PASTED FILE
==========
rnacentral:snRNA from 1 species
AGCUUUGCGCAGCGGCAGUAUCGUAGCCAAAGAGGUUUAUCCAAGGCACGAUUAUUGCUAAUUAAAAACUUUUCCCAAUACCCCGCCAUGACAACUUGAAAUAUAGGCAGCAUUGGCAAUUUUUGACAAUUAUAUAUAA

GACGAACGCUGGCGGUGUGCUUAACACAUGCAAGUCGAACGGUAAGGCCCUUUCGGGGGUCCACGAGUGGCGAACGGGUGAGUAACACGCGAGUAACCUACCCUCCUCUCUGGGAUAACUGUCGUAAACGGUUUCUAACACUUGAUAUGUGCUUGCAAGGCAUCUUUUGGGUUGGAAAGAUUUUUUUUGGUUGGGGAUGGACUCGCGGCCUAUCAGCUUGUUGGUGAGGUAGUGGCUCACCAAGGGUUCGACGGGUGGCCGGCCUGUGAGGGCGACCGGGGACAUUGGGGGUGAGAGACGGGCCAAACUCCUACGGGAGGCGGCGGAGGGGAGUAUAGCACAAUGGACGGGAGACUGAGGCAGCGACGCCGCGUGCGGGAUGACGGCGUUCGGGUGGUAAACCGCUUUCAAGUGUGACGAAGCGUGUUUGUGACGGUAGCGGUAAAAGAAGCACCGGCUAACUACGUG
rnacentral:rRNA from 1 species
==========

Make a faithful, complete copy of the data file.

rnacentral:snRNA from 1 species
AGCUUUGCGCAGCGGCAGUAUCGUAGCCAAAGAGGUUUAUCCAAGGCACGAUUAUUGCUAAUUAAAAACUUUUCCCAAUACCCCGCCAUGACAACUUGAAAUAUAGGCAGCAUUGGCAAUUUUUGACAAUUAUAUAUAA

GACGAACGCUGGCGGUGUGCUUAACACAUGCAAGUCGAACGGUAAGGCCCUUUCGGGGGUCCACGAGUGGCGAACGGGUGAGUAACACGCGAGUAACCUACCCUCCUCUCUGGGAUAACUGUCGUAAACGGUUUCUAACACUUGAUAUGUGCUUGCAAGGCAUCUUUUGGGUUGGAAAGAUUUUUUUUGGUUGGGGAUGGACUCGCGGCCUAUCAGCUUGUUGGUGAGGUAGUGGCUCACCAAGGGUUCGACGGGUGGCCGGCCUGUGAGGGCGACCGGGGACAUUGGGGGUGAGAGACGGGCCAAACUCCUACGGGAGGCGGCGGAGGGGAGUAUAGCACAAUGGACGGGAGACUGAGGCAGCGACGCCGCGUGCGGGAUGACGGCGUUCGGGUGGUAAACCGCUUUCAAGUGUGACGAAGCGUGUUUGUGACGGUAGCGGUAAAAGAAGCACCGGCUAACUACGUG
rnacentral:rRNA from 1 species